Letting agents and tenants’ representatives clashed, with agents vehemently defending their right to charge fees.
EYE joined agents, Generation Rent, Renters Rights and ombudsman representatives at L’Escargot in London’s Greek Street for a round table debate hosted by property software company VTUK to hear arguments from both sides of the lettings fence. The debate was chaired by EYE’s managing director, Nick Salmon.
While agents insisted their fees were minimal, and the existence of fees kept them afloat as businesses, Generation Rent and Renters Rights said tenants should not be charged any fees at all.
The debate saw a number of topics discussed, including questions on how agents justify their fees to tenants and landlords, what would happen to rents if agents were unable to charge fees to tenants, and is there sufficient transparency over the fees that agents charge.
Rosie Walker from Renters Rights (London) agreed there was now far more transparency over fees, but said tenants were still getting a raw deal and should not be paying fees at all.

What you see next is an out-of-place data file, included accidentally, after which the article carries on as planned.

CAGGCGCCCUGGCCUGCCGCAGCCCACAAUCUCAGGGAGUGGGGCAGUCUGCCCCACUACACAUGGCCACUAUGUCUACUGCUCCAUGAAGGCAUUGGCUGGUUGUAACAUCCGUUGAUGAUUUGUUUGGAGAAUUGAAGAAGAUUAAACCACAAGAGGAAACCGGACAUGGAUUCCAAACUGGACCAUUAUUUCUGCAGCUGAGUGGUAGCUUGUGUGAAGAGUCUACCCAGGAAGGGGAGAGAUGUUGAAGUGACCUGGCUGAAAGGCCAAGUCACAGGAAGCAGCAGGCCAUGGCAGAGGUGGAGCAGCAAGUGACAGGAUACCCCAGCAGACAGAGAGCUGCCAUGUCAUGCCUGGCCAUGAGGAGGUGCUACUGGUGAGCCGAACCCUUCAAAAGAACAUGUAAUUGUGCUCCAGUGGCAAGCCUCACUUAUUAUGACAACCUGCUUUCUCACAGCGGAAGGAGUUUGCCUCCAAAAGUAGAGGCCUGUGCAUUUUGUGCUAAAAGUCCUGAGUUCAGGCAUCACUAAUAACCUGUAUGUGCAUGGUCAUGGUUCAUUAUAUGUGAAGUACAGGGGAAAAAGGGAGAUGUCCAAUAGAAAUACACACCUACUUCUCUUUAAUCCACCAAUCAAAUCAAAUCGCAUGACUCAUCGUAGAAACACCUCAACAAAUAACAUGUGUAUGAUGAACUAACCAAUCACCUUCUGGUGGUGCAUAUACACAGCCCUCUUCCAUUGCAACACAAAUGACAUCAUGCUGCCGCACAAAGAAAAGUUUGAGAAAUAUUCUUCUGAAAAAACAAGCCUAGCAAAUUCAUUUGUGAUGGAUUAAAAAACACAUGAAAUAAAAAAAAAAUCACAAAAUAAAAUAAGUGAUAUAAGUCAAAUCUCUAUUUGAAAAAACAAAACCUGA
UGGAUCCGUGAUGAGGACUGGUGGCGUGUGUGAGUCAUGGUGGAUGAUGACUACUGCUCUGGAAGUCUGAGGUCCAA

She said: “I get emails from people who say ‘my son is at school and we are settled but the agent has asked for another £500 for renewal or admin charge’.
“This is not like buying a luxurious item: people need a home and they need it next week and that’s all they think of.”
But Matilda Macpherson from Knight Frank hit back, saying: “I don’t think the fees are an issue and I also don’t think we have seen anyone disappear just because the fees are now on our website.
“We live in a world where people have an iPhone 6 but will pay another £200 or £300 for an iPhone 7, so people pay. If you want something, you pay for it.”
Mark Rowe, managing director of Rowe Property Services, an independent letting agent in Hampshire, argued that a free market allowed tenants a choice, but he was also passionate about agents having to charge fees, just like any other business charges for its services.
Addressing Rosie Walker, he said: “We are dealing with people’s biggest assets and emotions run high when you move, so anything that goes wrong, we are prime targets for it. (But) we are businesses and we need to make a profit and if you drill down into it the profit margins are not as great as some people think.